I have to attend a hearing soon. What’s the court process during the pandemic? [May 19, 2020]
All Provincial Courts in BC are conducting remote proceedings during COVID-19, until further notice. That means you can attend your hearing by a phone call from the court, a conference call through Telus, or an audioconference or videoconference through Microsoft Teams. See Provincial Court remote proceedings for tips on how to prepare for a remote court proceeding and what happens at them.
I have a court date for June and I hear the courts are reopening. Is that true? [May 1, 2020]
Many operations of the Provincial Court of British Columbia have been suspended. This includes in-person registry services at all locations. Filing deadlines, limitation periods, and mandatory time periods (to start a court case) are also suspended. However, urgent matters and now some other family matters are continuing, although with different procedures.
Family matters originally scheduled from March 16 to May 16, 2020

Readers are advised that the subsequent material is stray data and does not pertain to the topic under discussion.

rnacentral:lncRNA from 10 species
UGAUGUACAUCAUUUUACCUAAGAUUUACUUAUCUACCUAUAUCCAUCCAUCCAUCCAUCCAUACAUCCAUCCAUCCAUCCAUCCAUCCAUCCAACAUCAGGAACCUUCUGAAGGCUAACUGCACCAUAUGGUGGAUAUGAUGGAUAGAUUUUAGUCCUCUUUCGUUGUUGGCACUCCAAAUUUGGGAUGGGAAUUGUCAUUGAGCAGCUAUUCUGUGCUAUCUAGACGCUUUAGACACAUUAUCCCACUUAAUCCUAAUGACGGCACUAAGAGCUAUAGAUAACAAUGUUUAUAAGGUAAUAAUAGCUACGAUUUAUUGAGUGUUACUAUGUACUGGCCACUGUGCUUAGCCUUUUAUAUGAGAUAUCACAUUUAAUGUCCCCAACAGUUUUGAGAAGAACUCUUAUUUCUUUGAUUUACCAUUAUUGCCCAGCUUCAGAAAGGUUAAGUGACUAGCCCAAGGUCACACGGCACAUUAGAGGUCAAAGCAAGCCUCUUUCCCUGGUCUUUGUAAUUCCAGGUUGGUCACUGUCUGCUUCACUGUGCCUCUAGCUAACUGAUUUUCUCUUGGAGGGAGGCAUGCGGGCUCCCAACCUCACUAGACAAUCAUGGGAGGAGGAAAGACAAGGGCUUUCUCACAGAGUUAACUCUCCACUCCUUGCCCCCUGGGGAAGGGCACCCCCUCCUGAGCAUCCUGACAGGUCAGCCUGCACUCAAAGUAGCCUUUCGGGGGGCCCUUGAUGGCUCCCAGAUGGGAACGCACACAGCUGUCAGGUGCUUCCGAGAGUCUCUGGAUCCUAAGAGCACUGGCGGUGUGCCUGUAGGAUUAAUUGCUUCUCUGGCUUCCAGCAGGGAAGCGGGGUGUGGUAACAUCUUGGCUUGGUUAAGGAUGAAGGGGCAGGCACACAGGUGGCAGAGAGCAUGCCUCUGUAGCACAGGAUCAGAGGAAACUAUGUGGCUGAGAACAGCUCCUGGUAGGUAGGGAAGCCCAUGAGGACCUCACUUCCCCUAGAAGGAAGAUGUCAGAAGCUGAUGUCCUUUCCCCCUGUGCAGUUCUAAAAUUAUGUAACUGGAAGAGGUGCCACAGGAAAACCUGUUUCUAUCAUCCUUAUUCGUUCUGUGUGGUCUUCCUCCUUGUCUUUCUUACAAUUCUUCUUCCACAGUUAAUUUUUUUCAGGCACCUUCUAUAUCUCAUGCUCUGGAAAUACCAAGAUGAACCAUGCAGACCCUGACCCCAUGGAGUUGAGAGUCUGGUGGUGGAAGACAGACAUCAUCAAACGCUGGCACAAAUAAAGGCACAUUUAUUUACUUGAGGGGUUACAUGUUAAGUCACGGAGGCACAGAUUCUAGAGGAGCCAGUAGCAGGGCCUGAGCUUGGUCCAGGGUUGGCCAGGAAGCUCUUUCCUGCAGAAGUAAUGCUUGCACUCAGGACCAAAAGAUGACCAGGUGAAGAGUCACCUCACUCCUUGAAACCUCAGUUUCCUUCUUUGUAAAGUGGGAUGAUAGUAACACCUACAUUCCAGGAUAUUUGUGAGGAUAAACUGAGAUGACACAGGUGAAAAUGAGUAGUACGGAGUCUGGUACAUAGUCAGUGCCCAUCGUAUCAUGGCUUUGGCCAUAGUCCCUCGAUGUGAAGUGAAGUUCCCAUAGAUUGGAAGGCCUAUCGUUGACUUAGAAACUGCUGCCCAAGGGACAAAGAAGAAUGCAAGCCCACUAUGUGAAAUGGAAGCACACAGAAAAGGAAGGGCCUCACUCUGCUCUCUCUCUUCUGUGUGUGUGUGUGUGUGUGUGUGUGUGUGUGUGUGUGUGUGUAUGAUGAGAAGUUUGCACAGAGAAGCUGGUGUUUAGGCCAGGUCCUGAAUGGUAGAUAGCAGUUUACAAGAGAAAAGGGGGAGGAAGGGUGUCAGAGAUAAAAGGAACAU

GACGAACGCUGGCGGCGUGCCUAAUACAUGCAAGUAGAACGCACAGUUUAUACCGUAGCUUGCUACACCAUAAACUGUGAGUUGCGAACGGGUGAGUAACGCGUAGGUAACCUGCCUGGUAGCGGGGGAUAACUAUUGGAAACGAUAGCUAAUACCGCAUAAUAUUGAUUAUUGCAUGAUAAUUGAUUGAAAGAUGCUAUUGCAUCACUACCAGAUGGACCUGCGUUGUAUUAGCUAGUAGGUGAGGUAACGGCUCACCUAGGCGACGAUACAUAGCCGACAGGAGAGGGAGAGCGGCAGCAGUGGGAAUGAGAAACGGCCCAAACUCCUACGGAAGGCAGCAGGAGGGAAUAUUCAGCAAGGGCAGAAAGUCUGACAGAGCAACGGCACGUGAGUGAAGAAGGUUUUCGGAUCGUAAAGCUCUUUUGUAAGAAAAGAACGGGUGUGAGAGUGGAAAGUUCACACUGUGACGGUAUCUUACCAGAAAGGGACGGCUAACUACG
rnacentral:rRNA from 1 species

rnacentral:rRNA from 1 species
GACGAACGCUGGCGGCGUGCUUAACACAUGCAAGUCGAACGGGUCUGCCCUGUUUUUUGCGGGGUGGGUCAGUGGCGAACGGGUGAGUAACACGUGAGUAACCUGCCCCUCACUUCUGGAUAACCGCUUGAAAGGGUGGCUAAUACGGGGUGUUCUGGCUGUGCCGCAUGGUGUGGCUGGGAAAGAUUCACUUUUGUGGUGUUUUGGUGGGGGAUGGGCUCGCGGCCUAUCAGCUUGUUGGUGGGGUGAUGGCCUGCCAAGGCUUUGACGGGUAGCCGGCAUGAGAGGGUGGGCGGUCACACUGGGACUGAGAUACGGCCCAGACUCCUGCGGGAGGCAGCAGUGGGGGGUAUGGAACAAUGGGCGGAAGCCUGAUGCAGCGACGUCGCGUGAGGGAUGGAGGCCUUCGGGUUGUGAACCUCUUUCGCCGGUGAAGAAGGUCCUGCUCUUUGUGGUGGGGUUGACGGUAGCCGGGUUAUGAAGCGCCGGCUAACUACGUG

Family case conferences and Family Management Conferences (Victoria) scheduled from March 16 to May 16, 2020 won't proceed so the parties should not attend court. The parties will receive notification starting May 4, 2020, regarding the next date a family case conference or management conference will be scheduled. The conference will be held by audioconference or videoconference.
All non-urgent family matters, including trials, scheduled to proceed from March 16 to May 16, 2020, were adjourned without the parties having to attend court. See Appendix “A” on page 14 in the Provincial Court notice for the next date. Only urgent family matters will be heard by telephone. You must apply by email, phone, mail, or fax (see next question).
For trials and trial continuations where the trial has been adjourned, parties will be contacted before the adjourned date in Appendix “A” in the Provincial Court notice by a Judicial Case Manager. The JCM will set a date for the matter to be scheduled as a pre-trial conference (not a trial) in order to decide whether the matter can be resolved or how to proceed.
Family matters originally scheduled from May 19 to July 3, 2020
Family case conferences and Family Management Conferences (Victoria) will be heard by audioconference or videoconference on the date originally set from May 19 to July 3, 2020. The Court will contact you with audioconference or videoconference details, and will advise if the start time will be changed.